ASHLEY: “Yeah, well…somehow our business kept going, even after the divorce.”

JUSTIN: “Caitlin, thanks for helping me out when I was looking for a new job last year.  I have to give her props.  We hadn’t spoken for 10 years.  I had been out of a job for over a year and I saw her name on Linkedin.  HR for a big company in my area of expertise.  Well, my major, anyway.  Call her up.  Boom.  45 minute conversation.  3 interviews later.  A contributing member of society again.”

BRAD: “Well, I wouldn’t go that far.”

ASHLEY: “Well, thank YOU, Justin, for introducing us to your friend who does web design.  Probably saved us a couple of thousand bucks and our new site looks fantastic!”

JUSTIN: “No problem.  I worked part-time for him while I was looking for a permanent job.  I used to take classes with him at HU.”

BRAD: “We have an intern from HU.  Working out really well.  And her Dad is a VP for a company we’ve been trying to get into for years.  So, maybe…”

CAITLIN: “I have a new hire from HU.  She’s great.  Actually took a class with Prof. Jones.”

BRAD: “He’s still there?  He must be, like, Mr. Szarek’s age…”

ASHLEY: Hey, I wonder what happened to Mr. Szarek?

JUSTIN: My bet is that he’s writing a blog about us.

MR. SZAREK: College.  It provides friends, partners and business connections for a lifetime.  It spans the globe.  Some of your fellow alumni will be with you for your entire life, others will pass through, some you will never meet but will help you strictly because of your common bond.  It provides direct access to other networking organizations, such as fraternal organizations – both social and professional.

The networking benefits of higher education are – curiously – maybe the only regard in which higher education is under-promoted and undervalued, but remember this – College is the greatest networking group you can join.

As always, I welcome your comments and questions.  Please feel free to email me at info@cc4therestofus.com, call or text me at 908-403-3819, join me on Facebook on “College Counseling for the Rest of Usand join me on Twitter at @MichaelCCR.   And now on YouTube at http://www.youtube.com/user/CCRMichael?feature=mhee.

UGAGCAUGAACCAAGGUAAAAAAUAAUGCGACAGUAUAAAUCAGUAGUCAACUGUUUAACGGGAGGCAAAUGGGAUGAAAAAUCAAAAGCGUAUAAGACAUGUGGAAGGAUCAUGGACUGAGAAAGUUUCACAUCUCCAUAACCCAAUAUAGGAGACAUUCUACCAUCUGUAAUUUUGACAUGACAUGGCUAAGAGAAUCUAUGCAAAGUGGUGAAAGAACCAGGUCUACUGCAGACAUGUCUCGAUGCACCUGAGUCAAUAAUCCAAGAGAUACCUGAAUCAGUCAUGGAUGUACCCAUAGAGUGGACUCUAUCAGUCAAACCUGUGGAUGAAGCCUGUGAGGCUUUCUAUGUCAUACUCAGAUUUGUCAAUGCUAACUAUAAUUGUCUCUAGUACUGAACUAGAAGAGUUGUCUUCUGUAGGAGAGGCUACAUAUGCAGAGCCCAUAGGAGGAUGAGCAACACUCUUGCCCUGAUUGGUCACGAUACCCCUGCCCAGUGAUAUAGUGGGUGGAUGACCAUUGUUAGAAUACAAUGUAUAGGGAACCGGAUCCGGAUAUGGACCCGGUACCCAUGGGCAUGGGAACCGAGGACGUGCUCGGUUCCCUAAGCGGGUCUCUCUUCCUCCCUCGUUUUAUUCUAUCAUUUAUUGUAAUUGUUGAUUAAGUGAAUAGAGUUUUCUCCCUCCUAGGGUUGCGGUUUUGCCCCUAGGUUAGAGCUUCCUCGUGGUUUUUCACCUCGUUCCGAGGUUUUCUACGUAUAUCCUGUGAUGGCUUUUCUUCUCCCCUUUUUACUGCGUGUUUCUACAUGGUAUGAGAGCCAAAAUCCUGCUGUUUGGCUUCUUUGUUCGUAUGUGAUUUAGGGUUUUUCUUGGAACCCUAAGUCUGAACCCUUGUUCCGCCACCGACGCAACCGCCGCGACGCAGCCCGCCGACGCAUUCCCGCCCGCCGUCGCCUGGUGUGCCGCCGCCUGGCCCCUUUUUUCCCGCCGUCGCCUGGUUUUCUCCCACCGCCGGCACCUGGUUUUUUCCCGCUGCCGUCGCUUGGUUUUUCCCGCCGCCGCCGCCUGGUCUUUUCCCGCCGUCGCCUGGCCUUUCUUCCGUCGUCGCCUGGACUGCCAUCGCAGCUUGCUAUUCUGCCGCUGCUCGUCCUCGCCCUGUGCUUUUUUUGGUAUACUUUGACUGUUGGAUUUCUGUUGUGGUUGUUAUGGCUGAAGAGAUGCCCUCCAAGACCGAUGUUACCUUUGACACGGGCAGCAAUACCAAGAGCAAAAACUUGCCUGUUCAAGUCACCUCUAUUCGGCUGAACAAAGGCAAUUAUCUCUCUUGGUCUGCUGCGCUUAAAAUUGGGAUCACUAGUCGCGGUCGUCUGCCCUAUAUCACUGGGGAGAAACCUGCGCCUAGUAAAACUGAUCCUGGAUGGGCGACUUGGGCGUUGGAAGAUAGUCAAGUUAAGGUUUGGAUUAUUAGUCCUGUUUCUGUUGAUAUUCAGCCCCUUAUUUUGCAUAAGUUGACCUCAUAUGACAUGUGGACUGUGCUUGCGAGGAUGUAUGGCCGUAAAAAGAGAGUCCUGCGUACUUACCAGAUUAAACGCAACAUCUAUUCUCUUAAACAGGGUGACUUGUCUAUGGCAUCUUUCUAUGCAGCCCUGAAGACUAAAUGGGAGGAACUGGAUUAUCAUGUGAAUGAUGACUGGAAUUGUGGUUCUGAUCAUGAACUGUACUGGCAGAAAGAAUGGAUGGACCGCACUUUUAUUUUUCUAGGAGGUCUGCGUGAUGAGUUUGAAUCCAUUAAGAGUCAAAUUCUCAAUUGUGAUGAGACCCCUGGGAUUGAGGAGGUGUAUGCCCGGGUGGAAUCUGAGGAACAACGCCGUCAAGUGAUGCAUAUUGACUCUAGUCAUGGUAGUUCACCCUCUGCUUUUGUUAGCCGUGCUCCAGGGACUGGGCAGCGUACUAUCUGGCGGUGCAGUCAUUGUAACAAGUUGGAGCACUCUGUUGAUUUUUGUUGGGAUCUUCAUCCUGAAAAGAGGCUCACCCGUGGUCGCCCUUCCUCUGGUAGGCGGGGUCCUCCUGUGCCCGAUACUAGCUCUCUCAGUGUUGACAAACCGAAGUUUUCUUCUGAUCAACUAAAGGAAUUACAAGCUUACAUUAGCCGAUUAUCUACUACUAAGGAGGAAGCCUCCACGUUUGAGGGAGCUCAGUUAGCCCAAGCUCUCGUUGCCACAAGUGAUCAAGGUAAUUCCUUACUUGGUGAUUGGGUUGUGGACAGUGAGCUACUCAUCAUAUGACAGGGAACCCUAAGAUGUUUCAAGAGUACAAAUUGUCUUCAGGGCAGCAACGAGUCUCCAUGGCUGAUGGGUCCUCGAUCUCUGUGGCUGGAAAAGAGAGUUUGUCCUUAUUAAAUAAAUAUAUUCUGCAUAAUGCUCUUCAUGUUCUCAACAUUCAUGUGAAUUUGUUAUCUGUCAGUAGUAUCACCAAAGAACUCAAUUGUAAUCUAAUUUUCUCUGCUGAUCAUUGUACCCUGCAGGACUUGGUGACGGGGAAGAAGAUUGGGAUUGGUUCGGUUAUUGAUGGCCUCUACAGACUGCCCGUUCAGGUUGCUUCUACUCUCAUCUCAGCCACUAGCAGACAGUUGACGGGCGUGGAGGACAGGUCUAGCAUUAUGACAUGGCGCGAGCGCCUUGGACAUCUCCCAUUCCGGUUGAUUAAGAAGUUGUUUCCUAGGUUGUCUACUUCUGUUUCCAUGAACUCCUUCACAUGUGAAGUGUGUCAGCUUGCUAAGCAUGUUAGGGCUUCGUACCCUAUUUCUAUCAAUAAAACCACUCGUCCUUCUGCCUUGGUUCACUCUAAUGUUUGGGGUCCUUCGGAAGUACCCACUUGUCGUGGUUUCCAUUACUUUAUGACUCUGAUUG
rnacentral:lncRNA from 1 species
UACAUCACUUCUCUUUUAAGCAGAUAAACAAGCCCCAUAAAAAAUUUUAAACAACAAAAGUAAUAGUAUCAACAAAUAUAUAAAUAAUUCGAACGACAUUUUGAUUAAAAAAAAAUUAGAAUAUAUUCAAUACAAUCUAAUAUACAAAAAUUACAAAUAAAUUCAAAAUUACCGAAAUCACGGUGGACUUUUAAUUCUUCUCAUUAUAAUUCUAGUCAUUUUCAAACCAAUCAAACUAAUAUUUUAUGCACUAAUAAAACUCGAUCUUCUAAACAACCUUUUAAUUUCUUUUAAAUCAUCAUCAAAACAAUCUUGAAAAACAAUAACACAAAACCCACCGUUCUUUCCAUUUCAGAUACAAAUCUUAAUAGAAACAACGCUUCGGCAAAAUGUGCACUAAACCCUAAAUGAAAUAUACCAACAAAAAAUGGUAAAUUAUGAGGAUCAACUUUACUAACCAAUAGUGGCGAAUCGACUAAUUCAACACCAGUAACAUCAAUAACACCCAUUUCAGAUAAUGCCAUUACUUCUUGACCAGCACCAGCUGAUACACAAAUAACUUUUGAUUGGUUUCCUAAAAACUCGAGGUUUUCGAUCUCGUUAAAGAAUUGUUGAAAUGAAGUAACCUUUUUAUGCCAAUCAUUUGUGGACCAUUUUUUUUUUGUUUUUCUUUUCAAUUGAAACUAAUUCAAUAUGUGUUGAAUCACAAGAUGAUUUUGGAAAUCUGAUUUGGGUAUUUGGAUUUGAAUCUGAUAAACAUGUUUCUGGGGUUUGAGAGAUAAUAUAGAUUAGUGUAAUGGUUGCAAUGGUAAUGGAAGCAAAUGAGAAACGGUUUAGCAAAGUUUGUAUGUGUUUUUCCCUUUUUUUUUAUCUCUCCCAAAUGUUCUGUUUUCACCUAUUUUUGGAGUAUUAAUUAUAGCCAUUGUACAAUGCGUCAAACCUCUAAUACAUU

Beetle Mania

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As a blogger, networker and social media fan, I am occasionally invited to things that I probably have no business going to.  In the past, I have been given a sneak preview of Turtle Back Zoo’s Aquarium and have been treated to an amazing wine tasting of Palmaz wine, at the Wilshire Grand, actually presented by members of the Palmaz family.  Please note that my knowledge of marine life and – particularly – my knowledge of wine – is extremely limited.

My knowledge of cars rivals my knowledge of wine.

But, if you’ve read this blog in the past, or watched my videos or seen my “Fit, Not Reach” workshops, you probably know that I often compare choosing a college to choosing an automobile.  I’ve mentioned my amazement that families who fully understand that they can’t fit a family of 7 into a Lamborghini have no problem pushing their child to choose a fancy name college that doesn’t fit their needs simply because it’s a fancy name.

So, when I had the opportunity to test drive the new 2012 Volkswagen Beetle earlier this month, I jumped at the chance.  Douglas Auto Group (Summit, NJ) has a new social media manager – Patrick Nash – and he offered me a chance to test drive any car I wanted.  I chose the 2012 VW Beetle – redesigned this year, for only the 2nd time in this legendary car’s long history.  I found the 2012 Beetle to offer a great ride, a cool look and more room that I expected.  And sufficient fodder to provide you with: